Some quick notes on a springtime specialty.
The most difficult part about using rhubarb as a pastry filling is that once it’s cooked it has almost no structure. Actually it’s entirely liquid. For this reason rhubarb is often mixed with other fruit like strawberries or apples. Right now I have lots of rhubarb, hardly any fruit in the freezer, and berries and apples are still months off. In other words I have to set my rhubarb filling with gelatin or cornstarch.
We like rhubarb because it is tart, but oftentimes it is too tart. To make sure the acidity isn’t overpowering, I make rhubarb pie in a shallow, French tart pan instead of a classic North American pie pan; this way there is a higher pastry to filling ratio. And I make sure to temper the acidity of the rhubarb with the proper amount of sugar in the filling, and possibly even some coarse sugar baked onto the surface of the pie. Ice cream also helps.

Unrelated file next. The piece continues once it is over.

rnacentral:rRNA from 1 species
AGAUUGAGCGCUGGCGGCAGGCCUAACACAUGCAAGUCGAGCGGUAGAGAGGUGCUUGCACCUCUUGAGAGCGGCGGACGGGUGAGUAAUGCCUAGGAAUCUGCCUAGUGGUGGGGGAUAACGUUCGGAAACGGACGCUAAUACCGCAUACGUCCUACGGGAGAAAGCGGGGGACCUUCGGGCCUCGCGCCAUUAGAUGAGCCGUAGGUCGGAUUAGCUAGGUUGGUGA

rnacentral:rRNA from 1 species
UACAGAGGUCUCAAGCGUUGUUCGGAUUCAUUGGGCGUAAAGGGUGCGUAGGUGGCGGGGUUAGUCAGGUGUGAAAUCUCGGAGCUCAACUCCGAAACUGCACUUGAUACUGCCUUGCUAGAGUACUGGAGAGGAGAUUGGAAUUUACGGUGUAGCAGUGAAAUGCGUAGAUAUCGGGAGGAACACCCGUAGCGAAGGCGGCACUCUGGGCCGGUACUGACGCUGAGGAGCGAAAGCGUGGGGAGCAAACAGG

- 1 kg rhubarb, fresh or frozen (this is more rhubarb than you’ll need to make one pie, but I like to make lots and eat the excess with granola and yogurt, or make crumble)
- 200 g granulated sugar
- 60 g cornstarch
- 700 g short pastry
- Cook the rhubarb and sugar in a pot over medium high heat, until the rhubarb has broken down. Add the cornstarch, return to a boil. Pour into a tray and let cool. Test consistency and adjust accordingly.
- Roll out pastry to 1/8″. Line the tart shell. Add the rhubarb filling. Add top pastry in lattice.
- Bake at 425°F on a low rack for 15 minutes, then at 350°F until the pastry is golden brown, cooked through, and the filling is just starting to bubble, roughly another 25 minutes. Tastes like springtime.